16th April 2021, 18:31
The GSD says the Government should be honest about whether it believes being part of a customs union would be good for Gibraltar. However, it asks what would be the political and economic price of such an arrangement?
The Party says it's clear the customs union type arrangement would be a major change which the Chief Minister had previously referred to as an option. Now, the GSD says Fabian Picardo is talking in terms of not having 'the freedom to move in one direction or another', but then yesterday equivocated by insisting it was an option he 'must' consider.
The Opposition points out he cannot both be free to take the option, and unfree to choose.
The GSD says for 50 years Gibraltar was in the EU without being in the Customs Union. It says, to preserve the status quo at the border therefore it's not necessary to have a customs union type arrangement.
The Party says we had fluidity at the border which was patchy at times because of political action by Spain.
The GSD says the price of a customs arrangement would be to firstly displace immigration and customs checks at the frontier with Spain, to other parts of Gibraltar, with the prospect of uniformed officers elsewhere. It says there would also be a change to Gibraltar's economic model and it would impact consumers, trade, business and jobs.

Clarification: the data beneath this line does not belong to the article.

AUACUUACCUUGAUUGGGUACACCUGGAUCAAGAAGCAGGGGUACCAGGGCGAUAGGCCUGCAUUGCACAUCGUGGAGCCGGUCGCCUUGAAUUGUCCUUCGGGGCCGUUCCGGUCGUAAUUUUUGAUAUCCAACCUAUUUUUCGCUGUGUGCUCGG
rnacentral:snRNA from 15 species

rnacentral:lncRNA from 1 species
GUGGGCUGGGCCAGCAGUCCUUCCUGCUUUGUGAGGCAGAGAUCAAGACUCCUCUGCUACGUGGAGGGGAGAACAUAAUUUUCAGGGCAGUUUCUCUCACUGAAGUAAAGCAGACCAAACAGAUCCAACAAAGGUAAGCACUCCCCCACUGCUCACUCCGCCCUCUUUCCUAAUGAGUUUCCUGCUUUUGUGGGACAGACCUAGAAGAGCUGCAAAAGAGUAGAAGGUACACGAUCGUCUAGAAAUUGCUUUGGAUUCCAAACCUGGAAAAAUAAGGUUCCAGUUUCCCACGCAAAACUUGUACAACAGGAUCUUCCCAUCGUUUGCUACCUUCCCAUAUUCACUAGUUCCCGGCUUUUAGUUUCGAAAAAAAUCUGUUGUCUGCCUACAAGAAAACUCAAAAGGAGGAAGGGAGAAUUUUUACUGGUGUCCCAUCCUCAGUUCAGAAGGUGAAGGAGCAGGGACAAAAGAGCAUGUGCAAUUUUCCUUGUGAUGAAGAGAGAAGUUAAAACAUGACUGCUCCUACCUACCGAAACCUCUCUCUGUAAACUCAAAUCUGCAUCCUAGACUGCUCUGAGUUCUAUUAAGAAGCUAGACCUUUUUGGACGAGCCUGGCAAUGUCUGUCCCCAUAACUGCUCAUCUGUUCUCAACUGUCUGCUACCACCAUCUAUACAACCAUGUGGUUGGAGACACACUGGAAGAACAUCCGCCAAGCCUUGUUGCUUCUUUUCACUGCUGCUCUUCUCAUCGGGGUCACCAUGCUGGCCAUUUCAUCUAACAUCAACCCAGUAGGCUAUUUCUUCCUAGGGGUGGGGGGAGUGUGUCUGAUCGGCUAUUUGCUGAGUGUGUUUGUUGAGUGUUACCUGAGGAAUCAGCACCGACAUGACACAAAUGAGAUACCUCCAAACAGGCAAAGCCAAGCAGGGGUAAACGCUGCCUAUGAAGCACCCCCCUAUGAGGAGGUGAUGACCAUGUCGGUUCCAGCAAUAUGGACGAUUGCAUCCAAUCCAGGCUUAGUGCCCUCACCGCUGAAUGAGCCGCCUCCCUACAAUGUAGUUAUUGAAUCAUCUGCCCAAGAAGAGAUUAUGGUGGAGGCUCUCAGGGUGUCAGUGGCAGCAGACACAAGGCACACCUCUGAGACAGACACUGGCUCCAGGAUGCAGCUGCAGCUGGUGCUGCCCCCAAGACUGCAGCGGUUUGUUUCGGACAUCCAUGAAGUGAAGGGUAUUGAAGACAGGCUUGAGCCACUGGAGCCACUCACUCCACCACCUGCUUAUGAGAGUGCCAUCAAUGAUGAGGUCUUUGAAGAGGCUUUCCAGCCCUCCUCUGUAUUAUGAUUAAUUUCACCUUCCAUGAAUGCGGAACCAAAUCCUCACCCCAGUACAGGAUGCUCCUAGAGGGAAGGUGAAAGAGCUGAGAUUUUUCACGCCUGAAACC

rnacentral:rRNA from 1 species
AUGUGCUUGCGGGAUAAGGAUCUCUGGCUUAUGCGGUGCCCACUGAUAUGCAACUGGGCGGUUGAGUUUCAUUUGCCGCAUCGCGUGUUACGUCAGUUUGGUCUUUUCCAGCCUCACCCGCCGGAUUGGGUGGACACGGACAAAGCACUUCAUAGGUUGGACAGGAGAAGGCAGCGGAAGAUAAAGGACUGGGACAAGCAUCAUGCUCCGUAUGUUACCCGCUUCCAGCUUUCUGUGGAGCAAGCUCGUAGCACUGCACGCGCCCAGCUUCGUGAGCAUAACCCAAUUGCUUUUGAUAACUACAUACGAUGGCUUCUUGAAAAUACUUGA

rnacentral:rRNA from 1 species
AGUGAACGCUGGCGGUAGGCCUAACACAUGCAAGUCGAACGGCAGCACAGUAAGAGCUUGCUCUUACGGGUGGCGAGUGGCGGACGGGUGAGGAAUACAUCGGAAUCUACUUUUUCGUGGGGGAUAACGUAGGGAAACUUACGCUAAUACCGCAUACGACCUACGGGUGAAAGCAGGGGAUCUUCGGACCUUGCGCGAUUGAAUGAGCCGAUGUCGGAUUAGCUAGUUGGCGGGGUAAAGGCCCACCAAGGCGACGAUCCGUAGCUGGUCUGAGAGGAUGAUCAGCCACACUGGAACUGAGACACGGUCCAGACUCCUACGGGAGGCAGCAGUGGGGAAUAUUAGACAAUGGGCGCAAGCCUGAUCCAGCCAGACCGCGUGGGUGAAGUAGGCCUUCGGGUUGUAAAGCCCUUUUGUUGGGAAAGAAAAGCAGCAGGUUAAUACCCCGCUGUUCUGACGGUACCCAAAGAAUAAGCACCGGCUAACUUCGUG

Party Leader Keith Azopardi accuses Fabian Picardo of political dishonesty saying his statements of the last couple of days are incompatible when put side by side. He says if the Chief Minister believes Gibraltar should accept a customs union then he should say what he will be negotiating for and what he will recommend.
Mr Azopardi questions, whether it is Spain's price for a Schengen deal and this is why Mr Picardo has "no freedom to choose to move in one direction or another".
He asks how a customs arrangement or VAT will affect trade and jobs, adding it would be foolish to rush to a goal of 'maximum fluidity" only to undermine Gibraltar's economic self-sufficiency in the process.
The GSD Leader says Mr Picardo's latest statement is a smokescreen and a damage limitation exercise.
For his part Roy Clinton said Gibraltar's business sector should now urgently demand information from their industry representatives, whose names should be publicly disclosed, as well as the Government.
The Shadow Minister for Public Finance and Small Businesses said if the Spanish Tax Treaty is anything to go by, then this Government is willing to make concessions to Spain both in substance and in form. He said Gibraltarians deserve to know what this Government is doing for which it has no mandate.